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How Your High Expectations is Hurting Your Team’s Performance

Any recruitment firm manager would like their team to excel at what they are doing. That’s why goals are set. When objectives are met, it means client success is achieved, the firm’s reputation gets a boost, and more profit for the future is underway. 

But how aware recruitment firm managers are in evaluating if they’ve set unrealistic standards? While there is pressure due to competition and demand, setting unrealistically high expectations can have dire consequences. Mental health concerns are only the beginning. Chronic negative emotions could eventually translate to high turnover and a harmful impact on your team and the firm in the long run. 

Take a closer look at how work pressure can begin within the firm. You’ll find out that most of the time, goals need not be reevaluated. Leaders are the ones who actually play a crucial role in managing the work pressure. They must be able to rally for team performance without inadvertently hounding their team to perform. Hence, it’s important to have a team conversation on how to build a professional yet encouraging environment where high expectations are goals, not threats. 

High expectations can hurt team performance more. 

Little to no room for error is a setup for failure. You’ve probably heard of resignation stories because of horrible bosses, but there’s more to it than a leader with uncanny demands. These stories usually include the following:  

  • Fear of disappointment. Instead of employees resting on the assurance that their leaders allow room for minor errors, they become hell-bent on pleasing them. This situation is not a healthy professional relationship. The office becomes a place of fear, and negative emotions as a governing tool for productivity will result in burnout.  
  • Poor organizational resilience. Hope and motivation help a lot in keeping recruitment firms or any company from retaliating from a setback. However, if what is always emphasized is that employees don’t meet goals, they’ll always expect the worst to come.  
  • Mental health issues. Emotional breakdowns, panic attacks, bouts of anxiety, and depression: These are just some experiences of employees who are pushed to their limits and left with nothing to give. For recruiters who always have to put on a welcoming face as they handle candidates despite going through bad days, extra care is not always exercised when their team finds out the state of their mental health.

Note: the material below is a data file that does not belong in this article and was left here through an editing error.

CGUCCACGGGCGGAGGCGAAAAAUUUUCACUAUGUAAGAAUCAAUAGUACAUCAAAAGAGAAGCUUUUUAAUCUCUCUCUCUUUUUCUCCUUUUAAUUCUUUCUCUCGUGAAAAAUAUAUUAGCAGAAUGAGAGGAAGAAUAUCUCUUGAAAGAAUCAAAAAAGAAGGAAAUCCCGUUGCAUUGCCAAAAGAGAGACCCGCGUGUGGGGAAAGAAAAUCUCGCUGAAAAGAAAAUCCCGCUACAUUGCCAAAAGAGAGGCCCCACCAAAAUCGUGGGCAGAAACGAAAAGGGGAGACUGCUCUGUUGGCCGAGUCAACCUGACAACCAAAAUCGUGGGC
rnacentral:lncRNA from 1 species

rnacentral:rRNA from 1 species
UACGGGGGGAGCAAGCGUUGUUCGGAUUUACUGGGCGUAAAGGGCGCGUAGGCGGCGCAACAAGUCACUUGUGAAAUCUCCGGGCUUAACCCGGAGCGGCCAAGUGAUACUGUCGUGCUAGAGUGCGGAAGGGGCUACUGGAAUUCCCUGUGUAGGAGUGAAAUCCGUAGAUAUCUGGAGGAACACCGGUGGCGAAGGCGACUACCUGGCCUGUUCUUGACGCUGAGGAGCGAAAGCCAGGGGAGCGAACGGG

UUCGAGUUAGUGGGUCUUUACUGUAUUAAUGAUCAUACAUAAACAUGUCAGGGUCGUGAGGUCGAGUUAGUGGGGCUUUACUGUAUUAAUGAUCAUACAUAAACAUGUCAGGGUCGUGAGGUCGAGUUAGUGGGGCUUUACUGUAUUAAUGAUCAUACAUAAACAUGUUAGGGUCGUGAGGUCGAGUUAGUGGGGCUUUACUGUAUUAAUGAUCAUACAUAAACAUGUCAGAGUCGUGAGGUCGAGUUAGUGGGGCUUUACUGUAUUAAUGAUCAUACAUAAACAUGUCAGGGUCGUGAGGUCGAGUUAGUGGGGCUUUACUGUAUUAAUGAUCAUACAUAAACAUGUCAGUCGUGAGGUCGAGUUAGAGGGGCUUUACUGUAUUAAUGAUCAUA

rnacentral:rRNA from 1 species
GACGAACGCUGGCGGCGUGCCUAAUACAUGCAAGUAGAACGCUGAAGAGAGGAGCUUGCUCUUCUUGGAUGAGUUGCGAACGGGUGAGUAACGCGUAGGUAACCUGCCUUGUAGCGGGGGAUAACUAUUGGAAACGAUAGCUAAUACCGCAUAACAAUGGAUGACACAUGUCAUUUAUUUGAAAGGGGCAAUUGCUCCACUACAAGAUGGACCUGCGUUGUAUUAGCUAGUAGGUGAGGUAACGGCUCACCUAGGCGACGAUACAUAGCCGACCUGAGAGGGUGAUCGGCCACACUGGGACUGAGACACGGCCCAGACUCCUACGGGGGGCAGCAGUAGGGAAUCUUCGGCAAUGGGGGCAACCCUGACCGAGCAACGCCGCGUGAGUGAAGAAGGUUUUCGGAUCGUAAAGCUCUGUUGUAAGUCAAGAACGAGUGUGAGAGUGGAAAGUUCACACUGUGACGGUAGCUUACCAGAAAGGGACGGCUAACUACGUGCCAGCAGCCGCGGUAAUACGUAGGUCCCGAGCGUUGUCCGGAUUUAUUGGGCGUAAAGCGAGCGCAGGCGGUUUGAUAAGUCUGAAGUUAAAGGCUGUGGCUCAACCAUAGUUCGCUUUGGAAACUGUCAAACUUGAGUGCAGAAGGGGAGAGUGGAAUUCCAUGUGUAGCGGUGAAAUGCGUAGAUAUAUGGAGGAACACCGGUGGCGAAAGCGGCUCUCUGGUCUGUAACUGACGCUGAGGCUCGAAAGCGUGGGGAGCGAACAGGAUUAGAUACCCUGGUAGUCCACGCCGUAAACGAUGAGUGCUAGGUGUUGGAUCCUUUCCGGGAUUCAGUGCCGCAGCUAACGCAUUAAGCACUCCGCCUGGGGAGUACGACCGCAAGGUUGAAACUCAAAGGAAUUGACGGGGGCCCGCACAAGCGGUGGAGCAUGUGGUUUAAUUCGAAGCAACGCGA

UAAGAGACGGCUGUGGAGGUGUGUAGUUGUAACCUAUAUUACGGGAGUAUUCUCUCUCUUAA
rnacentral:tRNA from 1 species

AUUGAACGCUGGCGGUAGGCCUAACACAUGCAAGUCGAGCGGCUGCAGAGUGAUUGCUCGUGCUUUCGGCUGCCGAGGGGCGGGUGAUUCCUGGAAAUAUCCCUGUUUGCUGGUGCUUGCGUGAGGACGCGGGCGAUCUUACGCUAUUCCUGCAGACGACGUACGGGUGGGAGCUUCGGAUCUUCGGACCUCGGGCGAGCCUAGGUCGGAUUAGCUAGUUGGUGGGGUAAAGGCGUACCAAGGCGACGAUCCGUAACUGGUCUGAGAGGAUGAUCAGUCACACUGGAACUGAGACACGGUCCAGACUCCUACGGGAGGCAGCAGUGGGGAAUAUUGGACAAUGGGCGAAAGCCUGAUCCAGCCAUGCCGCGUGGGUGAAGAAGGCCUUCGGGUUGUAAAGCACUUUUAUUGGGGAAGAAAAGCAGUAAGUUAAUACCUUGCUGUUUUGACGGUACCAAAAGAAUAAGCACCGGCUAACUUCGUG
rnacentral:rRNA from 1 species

• Loss of interest in the company. Need we say more? If a recruiter feels unappreciated, they will want their way out. They’d rather venture into starting again rather than continuing with a problematic situation. 

Manage your own expectations. 

Three hundred executives across 10 countries were surveyed, and about 35% of them failed to meet goals due to a fixation on perfection. While managers excuse high expectations as a means for their team to do their best, unnecessary pressure really does nothing but harm. 

Sky-high expectations are possibly not totally aligned with company goals. Rather, they stem from a personal desire of a leader to always feel perfect and well-accomplished. That is why some managers get irked with even the slightest errors because they think they could have done better. It’s also possible that their disappointments with their role bubble over to the rest of the team. At this point, high expectations have to be revisited. 

In leading your recruitment team, consider these suggestions:  

  • Let the team set what they expect from you. While you should still maintain your position of authority, allowing your recruiters to voice out what they expect from their leaders will help you stay grounded on being a team player. This will also emphasize that company goals are team goals, not anyone’s personal goals. It also tables what you could do when a recruiter fails to meet the so-called high expectations.